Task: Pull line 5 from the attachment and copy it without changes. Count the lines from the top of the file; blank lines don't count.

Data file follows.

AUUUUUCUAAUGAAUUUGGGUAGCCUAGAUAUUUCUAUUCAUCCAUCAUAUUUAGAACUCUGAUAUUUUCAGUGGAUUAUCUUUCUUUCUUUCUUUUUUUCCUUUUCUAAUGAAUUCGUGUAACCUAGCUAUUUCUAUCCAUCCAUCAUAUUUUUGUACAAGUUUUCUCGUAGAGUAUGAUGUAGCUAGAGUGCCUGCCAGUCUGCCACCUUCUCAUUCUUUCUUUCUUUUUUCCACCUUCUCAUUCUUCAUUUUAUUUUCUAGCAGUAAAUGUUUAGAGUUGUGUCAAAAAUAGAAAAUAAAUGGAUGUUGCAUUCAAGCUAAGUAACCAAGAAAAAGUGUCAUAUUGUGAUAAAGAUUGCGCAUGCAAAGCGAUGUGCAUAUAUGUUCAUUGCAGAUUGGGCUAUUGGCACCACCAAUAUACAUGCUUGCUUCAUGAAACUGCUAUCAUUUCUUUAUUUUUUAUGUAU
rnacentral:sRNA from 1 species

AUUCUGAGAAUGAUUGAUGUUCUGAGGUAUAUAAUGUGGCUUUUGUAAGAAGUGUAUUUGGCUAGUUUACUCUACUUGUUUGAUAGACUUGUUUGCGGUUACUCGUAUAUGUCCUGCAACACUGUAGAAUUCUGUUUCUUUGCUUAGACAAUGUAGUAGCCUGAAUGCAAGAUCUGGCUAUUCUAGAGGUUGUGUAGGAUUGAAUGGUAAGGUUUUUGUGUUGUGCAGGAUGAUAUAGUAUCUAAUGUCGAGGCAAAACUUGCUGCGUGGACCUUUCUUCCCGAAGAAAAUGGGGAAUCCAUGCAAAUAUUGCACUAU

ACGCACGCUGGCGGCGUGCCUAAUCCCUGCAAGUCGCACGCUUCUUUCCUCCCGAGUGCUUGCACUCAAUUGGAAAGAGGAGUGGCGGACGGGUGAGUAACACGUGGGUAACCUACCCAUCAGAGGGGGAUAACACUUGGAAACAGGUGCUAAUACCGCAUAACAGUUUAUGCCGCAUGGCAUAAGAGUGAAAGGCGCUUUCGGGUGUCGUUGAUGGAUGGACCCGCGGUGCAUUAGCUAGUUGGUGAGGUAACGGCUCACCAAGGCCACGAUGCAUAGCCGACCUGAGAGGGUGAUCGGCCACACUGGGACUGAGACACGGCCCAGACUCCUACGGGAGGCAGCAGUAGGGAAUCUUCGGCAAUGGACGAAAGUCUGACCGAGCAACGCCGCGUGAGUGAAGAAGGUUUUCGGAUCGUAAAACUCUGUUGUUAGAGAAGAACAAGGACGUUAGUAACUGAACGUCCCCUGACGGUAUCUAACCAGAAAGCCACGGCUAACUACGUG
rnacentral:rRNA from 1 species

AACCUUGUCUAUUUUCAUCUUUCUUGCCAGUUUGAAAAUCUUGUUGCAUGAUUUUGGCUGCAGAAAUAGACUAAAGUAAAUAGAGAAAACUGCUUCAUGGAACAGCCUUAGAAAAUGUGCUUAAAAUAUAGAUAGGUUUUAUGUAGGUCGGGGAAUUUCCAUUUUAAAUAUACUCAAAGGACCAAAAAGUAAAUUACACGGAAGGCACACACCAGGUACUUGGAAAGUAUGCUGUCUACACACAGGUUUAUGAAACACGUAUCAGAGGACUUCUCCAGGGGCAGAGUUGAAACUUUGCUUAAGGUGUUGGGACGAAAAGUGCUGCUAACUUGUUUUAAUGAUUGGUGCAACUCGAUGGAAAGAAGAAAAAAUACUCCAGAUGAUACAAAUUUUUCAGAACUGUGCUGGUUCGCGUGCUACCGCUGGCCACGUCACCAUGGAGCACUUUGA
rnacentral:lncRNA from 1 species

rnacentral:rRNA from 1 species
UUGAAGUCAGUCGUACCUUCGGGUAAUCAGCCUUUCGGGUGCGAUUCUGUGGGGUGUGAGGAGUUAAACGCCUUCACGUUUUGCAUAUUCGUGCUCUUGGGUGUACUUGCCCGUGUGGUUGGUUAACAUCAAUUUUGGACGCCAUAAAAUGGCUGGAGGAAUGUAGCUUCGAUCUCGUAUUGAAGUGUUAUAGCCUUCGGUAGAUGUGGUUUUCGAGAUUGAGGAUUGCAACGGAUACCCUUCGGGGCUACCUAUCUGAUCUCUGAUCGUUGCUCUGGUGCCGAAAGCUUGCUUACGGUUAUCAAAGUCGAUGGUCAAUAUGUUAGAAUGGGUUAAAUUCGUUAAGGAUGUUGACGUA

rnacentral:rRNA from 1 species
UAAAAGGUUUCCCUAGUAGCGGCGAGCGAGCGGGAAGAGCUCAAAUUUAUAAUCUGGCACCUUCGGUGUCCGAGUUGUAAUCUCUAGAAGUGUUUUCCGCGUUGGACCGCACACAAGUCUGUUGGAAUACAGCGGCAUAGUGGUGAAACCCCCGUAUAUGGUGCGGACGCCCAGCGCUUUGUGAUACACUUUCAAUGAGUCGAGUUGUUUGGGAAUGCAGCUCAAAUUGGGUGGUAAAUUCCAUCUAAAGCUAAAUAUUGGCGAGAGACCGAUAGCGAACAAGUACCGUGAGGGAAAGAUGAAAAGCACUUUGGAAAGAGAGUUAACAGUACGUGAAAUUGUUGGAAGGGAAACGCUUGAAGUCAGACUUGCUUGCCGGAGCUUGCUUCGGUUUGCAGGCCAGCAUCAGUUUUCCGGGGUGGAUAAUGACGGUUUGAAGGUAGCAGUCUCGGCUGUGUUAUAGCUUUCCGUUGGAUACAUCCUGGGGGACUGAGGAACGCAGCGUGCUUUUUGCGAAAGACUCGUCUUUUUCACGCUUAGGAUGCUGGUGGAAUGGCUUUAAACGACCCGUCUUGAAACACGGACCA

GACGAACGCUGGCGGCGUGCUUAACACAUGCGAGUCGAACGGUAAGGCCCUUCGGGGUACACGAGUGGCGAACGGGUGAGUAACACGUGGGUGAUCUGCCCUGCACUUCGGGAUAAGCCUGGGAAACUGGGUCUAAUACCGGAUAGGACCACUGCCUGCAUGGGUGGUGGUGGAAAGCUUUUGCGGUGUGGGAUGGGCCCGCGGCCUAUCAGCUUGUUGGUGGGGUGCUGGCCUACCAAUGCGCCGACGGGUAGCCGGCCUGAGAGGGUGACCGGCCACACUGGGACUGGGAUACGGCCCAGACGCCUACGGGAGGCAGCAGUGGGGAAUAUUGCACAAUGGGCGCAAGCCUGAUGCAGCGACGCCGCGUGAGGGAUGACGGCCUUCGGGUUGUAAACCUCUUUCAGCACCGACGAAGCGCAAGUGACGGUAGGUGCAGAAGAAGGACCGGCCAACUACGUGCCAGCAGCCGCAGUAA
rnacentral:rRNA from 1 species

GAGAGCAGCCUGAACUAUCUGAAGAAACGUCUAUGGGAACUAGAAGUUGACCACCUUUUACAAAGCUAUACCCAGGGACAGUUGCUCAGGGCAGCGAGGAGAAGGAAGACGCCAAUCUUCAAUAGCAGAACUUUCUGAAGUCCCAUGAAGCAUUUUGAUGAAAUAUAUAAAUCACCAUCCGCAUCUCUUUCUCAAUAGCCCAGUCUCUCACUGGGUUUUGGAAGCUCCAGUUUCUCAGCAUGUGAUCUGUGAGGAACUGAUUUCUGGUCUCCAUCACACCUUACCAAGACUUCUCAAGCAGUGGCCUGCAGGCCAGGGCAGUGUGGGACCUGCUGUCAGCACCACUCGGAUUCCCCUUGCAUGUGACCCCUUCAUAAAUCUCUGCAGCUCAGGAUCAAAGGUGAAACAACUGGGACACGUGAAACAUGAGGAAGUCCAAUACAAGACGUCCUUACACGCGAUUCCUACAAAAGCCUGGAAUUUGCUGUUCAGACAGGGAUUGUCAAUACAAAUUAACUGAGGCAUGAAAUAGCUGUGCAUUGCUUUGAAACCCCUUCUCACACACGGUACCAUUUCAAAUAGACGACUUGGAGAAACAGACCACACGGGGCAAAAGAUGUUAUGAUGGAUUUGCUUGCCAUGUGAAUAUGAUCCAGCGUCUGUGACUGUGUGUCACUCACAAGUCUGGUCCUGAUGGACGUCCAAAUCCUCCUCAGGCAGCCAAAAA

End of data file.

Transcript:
rnacentral:rRNA from 1 species